Prepping the surface includes getting rid of any dirt, oil, and grease coatings on your patio.
How thorough you should clean depends on whether it’s a new or existing patio. For new ones, minimal prepping is required. However, for existing patios with dirt that has accumulated over time, we recommend the use of a pressure washer to effectively remove all dirt from the surface.
Additionally, if your surface was machine-troweled for a smoother, tighter finish; you may need to acid-etch or light sand it to open it up and allow for sealers to stick better after application.
After prepping the surface, it’s now time to apply the patio sealer. This can be done using a range of tools including paint rollers and pump-up sprayers. We recommend the use of the former for water-based sealers, while solvent-based sealers are best applied using pump-up sprays.
For stamped/textured concrete patios, rollers with thicker naps do a better job at getting into the patterned depressions. You can also combine both sealer application methods, starting with spraying then reverse-rolling, so as not to allow the sealer to settle in low spots.
Take care not to apply an overly thick layer of patio sealer, as it’ll just settle atop the concrete rather than soak into it. The standard practice is to apply no more than two layers for a more even spread.
It’s also advisable to adhere to the manufacturer’s guidelines on the product labelling for your particular brand of concrete patio sealer.
How much does it Cost to Seal a Concrete Patio?
If you’re not a DIYer, the cost of sealing your concrete patio will largely depend on its size and how much prepping goes into the process before sealing begins.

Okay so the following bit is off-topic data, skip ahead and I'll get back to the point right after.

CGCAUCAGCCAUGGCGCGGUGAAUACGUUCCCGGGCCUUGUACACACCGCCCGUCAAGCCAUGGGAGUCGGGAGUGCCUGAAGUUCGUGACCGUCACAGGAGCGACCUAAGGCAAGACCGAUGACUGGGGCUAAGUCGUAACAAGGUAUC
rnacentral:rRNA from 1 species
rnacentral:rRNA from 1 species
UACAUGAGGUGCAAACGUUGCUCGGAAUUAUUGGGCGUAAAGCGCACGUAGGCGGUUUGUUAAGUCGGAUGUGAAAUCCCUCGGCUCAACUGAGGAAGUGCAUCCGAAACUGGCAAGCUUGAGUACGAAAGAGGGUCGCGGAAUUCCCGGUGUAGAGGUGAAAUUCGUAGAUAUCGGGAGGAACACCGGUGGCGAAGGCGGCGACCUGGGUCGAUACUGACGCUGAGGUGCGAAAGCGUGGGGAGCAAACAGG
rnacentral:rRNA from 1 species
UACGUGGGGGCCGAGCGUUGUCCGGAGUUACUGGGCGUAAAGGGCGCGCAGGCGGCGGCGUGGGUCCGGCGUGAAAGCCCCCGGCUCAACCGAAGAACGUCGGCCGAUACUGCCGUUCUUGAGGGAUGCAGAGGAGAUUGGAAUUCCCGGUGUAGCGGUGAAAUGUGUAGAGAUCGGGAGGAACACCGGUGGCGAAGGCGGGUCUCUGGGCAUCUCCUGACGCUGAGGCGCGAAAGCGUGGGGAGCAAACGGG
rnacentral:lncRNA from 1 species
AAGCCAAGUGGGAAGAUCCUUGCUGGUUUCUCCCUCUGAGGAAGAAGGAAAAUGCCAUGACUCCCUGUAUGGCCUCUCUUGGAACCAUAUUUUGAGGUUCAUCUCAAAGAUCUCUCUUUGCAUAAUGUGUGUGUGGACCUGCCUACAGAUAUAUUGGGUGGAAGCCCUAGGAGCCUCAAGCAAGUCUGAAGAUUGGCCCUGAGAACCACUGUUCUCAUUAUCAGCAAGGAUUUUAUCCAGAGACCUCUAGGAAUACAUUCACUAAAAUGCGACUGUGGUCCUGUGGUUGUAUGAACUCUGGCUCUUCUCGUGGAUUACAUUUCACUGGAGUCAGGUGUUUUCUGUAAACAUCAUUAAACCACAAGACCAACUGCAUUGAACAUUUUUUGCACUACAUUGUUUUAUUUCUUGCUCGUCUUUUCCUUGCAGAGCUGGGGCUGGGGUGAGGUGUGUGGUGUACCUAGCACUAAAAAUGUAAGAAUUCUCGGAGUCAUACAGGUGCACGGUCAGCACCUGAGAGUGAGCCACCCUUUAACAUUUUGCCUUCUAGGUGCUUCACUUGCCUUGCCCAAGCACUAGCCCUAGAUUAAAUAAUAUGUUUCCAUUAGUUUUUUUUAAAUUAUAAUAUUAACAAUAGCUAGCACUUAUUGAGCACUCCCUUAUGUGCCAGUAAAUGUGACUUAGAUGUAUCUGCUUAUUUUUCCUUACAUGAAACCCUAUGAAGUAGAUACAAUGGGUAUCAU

For instance- according to howmuch.net, to seal about 500-square foot of an acrylic concrete surface costs approximately $684, which translates to about $1.4 per square foot.
Meanwhile, according to homewyse.com, the cost of applying Polyutherane Concrete Sealer begins at $1.18 per square foot.
What are the types of concrete Sealers?
The two types of sealers recommended for concrete include:
1. Acrylic sealers
Acrylic sealers are the best for decorative interior and outdoor concrete works such as floors, concrete patio, driveways and walkways. They are available in solvent and water based formulations. Acrylic sealers provides effective protection against water and salts intrusion while allowing moisture to escape from the slab.
These types of sealers are known to be UV resistant and stays long time without yellowing. The wide range of sheen levels of these sealers can be used to give a gloss to colored and exposed-aggregate concrete.
2. Penetrating sealers
A penetrating sealer is the best alternative if you prefer a natural looking surface. They are made to penetrate a concrete through pores to form a chemical bond that limit moisture intrusion and deicing salts and chemicals.